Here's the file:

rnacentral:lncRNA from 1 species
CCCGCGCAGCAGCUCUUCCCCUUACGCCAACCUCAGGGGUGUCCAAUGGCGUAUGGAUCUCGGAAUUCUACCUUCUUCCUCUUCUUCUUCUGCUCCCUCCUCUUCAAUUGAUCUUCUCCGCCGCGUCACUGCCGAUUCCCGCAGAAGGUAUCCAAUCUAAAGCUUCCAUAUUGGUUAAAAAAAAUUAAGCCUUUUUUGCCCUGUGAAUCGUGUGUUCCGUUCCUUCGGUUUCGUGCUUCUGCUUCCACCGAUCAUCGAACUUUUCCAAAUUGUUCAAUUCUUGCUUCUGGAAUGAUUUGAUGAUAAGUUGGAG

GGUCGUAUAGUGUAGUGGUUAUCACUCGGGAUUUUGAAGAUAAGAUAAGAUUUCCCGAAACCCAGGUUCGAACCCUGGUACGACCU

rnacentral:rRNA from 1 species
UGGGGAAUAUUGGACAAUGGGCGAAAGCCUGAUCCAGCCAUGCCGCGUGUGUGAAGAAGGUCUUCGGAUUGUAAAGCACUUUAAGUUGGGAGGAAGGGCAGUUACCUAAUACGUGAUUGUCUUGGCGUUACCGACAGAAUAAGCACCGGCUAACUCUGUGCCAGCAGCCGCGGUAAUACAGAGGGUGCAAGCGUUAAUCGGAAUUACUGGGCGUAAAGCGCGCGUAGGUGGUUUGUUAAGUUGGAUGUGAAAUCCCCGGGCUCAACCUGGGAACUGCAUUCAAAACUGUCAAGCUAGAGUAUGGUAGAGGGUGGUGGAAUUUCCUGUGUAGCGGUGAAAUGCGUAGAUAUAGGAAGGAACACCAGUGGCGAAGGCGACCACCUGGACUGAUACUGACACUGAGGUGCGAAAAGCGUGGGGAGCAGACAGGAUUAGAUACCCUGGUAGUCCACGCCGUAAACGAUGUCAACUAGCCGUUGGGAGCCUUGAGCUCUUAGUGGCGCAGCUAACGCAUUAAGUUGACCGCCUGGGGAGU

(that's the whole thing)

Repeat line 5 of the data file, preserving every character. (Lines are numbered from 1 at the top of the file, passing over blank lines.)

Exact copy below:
UGGGGAAUAUUGGACAAUGGGCGAAAGCCUGAUCCAGCCAUGCCGCGUGUGUGAAGAAGGUCUUCGGAUUGUAAAGCACUUUAAGUUGGGAGGAAGGGCAGUUACCUAAUACGUGAUUGUCUUGGCGUUACCGACAGAAUAAGCACCGGCUAACUCUGUGCCAGCAGCCGCGGUAAUACAGAGGGUGCAAGCGUUAAUCGGAAUUACUGGGCGUAAAGCGCGCGUAGGUGGUUUGUUAAGUUGGAUGUGAAAUCCCCGGGCUCAACCUGGGAACUGCAUUCAAAACUGUCAAGCUAGAGUAUGGUAGAGGGUGGUGGAAUUUCCUGUGUAGCGGUGAAAUGCGUAGAUAUAGGAAGGAACACCAGUGGCGAAGGCGACCACCUGGACUGAUACUGACACUGAGGUGCGAAAAGCGUGGGGAGCAGACAGGAUUAGAUACCCUGGUAGUCCACGCCGUAAACGAUGUCAACUAGCCGUUGGGAGCCUUGAGCUCUUAGUGGCGCAGCUAACGCAUUAAGUUGACCGCCUGGGGAGU